Jerry Wardwell was born on January 21, 1930, and raised in Los Angeles California. He was one of two children from an extremely poor family. He had a natural gift for creating things, that combined with his great imagination meant he was always inventing, fixing, and getting into the occasional bout of trouble. Even though he had spent his youth as a hooligan he realized in a moment of clarity that if everyone else could hold down a job to make legitimate money, maybe it was worth a try. At the age of sixteen, he learned to fly and bought his first airplane. At the age of eighteen, he enlisted in the military. In the Airforce, while learning his new job as an Aerial Gunner for the B29 bomber, he also served as an honor guard member. The bulk of his time in the Air Force was spent in combat, serving in the Korean War. During that time, he earned a Purple Heart and the distinguished Airman’s Service Medal. Once back home he had several careers, one of which included working on a pit crew for a car in the Indianapolis 500.
Edith Wardwell, born Edith Mittman was born in Gross Borken Germany on December 20, 1936. Being raised with six other siblings, she was often quiet and well mannered, keeping a close circle of friends. Her love for animals frequently had her avoiding the kitchen, much to her mother’s dismay, in favor of going out and spending time working with and caring for the animals. She and her family lived peacefully on their farm until they fled Germany during WW2, due to the advancing Russian army. It was while all 8 of them were living as refugees in a one-bedroom house that she truly understood the concept of putting all your trust in God, the value of family, and the value of working very hard.
When the shy and gentle Edith met the troublemaker, war veteran Jerry, the pair appeared to be opposites. Initially, only Jerry knew that this would eventually become a beautiful love story as he proposed on their first date. This idea was not received enthusiastically by Edith as she told him no. Unphased by the rejection the pair continued dating and grew closer, despite the resistance from Edith’s family. She was the first and only member of her family to marry an American. Which would later become a long continuous joke when on their wedding day, everyone forgot Edith at home. Nobody could find her, and it was assumed that her mother had hidden her away. After walking to a neighbor’s house and calling for her Uncle to pick her up Edith arrived fashionably late and slightly flustered to her wedding. A few years after they were married a stubborn Jerry made the decision to devote his life to Christ and alongside Edith, their faith would grow to affect hundreds of people over the years. Jerry and Edith began volunteering in any way that they could, one of which, was at the local prison. In the midst of starting a family and raising their children, they began taking weekly trips to the prison to teach bible study classes. They lived most of their lives selflessly helping everyone around them. Their family grew to include their two sons and their youngest, a daughter. When all of their kids had grown and started their lives, Jerry and Edith followed their love of nature to Oregon. They moved up into the mountains where Jerry had the need to be self-sufficient. He began building three wheelers, snowplows, and a hothouse, among other things. He could often be found out on the back porch with his favorite chipmunks and birds he’d befriended to take food from his hand. When they moved back into town, they became fixtures in the community, constantly helping and offering support to both those they knew and didn’t know alike. They began to live by a new principle, “You can’t outgive God”. Although nobody knew, they often offered help anonymously to neighbors, friends, and strangers, leaving food, money, and clothes on front porches. Jerry and Edith were married for 63 years before passing away three weeks apart from each other. They are survived by their 3 children, 8 grandchildren, and 9 great-grandchildren.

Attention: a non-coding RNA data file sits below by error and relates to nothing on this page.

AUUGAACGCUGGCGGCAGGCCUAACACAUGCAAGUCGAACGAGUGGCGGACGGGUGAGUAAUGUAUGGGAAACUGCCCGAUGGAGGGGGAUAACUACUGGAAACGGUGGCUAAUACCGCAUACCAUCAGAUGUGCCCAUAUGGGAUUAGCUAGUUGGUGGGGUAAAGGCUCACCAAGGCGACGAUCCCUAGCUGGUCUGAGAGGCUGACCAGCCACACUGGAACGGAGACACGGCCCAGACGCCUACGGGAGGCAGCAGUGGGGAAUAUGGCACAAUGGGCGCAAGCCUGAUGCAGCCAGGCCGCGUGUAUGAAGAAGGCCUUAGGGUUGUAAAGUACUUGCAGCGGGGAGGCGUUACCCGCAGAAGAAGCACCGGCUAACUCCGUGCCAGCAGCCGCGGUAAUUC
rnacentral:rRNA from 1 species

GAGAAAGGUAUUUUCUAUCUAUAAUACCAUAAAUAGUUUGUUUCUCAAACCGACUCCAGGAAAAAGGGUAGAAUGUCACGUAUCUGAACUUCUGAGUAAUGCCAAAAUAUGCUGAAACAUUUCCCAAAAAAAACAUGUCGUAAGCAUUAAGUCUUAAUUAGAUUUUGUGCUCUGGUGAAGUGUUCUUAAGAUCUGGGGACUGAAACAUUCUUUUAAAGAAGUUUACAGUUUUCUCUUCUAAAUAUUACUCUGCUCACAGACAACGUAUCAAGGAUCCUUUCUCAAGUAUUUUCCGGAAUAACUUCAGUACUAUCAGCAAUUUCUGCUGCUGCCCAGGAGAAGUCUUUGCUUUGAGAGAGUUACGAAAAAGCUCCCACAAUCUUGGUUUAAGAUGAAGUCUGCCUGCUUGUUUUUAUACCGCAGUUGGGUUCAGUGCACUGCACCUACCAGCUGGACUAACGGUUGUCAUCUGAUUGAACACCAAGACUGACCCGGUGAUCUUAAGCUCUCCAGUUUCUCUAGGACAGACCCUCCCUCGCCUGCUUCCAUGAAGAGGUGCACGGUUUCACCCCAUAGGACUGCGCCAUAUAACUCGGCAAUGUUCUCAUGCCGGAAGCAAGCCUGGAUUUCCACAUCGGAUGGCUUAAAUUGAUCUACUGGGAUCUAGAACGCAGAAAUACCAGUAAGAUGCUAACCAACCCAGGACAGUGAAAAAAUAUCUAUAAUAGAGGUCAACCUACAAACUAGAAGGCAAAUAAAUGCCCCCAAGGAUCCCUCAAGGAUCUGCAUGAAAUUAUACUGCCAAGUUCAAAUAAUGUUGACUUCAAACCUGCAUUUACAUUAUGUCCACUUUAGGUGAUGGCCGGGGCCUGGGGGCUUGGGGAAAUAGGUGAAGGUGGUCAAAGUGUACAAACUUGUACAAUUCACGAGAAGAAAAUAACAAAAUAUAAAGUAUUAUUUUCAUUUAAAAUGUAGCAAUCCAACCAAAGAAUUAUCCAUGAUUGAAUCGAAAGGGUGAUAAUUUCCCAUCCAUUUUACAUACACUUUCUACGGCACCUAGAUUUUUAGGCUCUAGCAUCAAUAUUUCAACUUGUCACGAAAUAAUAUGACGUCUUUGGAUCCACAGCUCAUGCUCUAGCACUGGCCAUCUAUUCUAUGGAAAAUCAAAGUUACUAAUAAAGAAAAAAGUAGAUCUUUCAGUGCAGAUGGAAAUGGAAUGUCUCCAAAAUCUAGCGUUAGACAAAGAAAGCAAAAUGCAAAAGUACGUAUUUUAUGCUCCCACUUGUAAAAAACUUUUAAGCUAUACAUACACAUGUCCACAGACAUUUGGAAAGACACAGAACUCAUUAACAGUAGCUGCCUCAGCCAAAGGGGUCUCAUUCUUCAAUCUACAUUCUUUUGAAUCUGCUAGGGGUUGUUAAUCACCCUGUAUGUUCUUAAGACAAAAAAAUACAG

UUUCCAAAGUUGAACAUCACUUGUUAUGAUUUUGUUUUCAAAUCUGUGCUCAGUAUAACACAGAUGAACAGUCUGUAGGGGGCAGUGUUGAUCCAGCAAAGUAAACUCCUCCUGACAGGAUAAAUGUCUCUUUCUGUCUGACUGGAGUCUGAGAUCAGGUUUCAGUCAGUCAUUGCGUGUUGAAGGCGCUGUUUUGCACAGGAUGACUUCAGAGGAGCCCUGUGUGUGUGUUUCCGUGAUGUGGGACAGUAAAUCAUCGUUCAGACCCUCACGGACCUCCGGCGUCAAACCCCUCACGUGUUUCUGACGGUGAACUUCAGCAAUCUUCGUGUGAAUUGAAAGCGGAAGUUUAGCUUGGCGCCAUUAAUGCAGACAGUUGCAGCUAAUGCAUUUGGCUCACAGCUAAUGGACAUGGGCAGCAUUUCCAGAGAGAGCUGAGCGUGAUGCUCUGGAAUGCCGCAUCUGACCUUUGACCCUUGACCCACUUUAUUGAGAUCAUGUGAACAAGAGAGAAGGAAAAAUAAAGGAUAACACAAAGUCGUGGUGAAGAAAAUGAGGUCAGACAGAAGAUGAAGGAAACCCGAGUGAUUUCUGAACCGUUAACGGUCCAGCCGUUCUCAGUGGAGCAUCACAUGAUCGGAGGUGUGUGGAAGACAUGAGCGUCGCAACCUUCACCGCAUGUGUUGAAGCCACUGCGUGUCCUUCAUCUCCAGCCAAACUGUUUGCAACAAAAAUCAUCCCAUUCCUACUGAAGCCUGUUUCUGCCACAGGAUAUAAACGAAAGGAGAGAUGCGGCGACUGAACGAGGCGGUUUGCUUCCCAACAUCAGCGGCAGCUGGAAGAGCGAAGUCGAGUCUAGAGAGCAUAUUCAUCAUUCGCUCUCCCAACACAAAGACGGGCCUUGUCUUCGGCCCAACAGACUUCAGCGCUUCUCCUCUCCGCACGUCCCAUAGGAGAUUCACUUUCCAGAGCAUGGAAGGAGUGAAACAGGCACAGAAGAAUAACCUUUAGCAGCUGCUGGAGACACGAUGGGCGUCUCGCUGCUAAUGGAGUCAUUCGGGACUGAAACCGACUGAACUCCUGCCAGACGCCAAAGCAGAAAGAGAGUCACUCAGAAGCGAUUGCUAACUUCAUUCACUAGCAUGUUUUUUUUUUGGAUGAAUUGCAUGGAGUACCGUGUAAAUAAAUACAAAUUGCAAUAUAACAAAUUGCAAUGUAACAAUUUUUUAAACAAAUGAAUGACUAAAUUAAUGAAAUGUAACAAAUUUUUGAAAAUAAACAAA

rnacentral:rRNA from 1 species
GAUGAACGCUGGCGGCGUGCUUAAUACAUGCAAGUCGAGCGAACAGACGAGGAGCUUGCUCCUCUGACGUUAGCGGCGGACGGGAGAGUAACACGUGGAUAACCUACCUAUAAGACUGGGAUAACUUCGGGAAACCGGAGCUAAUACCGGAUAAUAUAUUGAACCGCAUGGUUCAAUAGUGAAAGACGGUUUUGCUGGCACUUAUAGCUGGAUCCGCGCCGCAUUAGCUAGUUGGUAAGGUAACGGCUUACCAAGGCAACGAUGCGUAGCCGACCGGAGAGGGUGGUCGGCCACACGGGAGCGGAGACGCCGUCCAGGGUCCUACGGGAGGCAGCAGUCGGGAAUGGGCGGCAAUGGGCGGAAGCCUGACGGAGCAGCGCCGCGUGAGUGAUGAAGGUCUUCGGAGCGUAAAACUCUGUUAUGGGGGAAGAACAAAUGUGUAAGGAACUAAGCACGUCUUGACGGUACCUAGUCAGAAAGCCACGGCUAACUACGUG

There will be a Celebration of Life for the Wardwell’s on Saturday, December 19, 2020, at 1:00 P.M. with military honors, followed by a committal at the I.O.O.F cemetery.
Memorial donations may be made to Lake County Food Share, P.O. Box 1330, Lakeview, OR 97630 or Lake District Hospital C/O the Cancer Travel Fund, 700 South J Street, Lakeview, OR 97630 or to a charity of the donors choosing.
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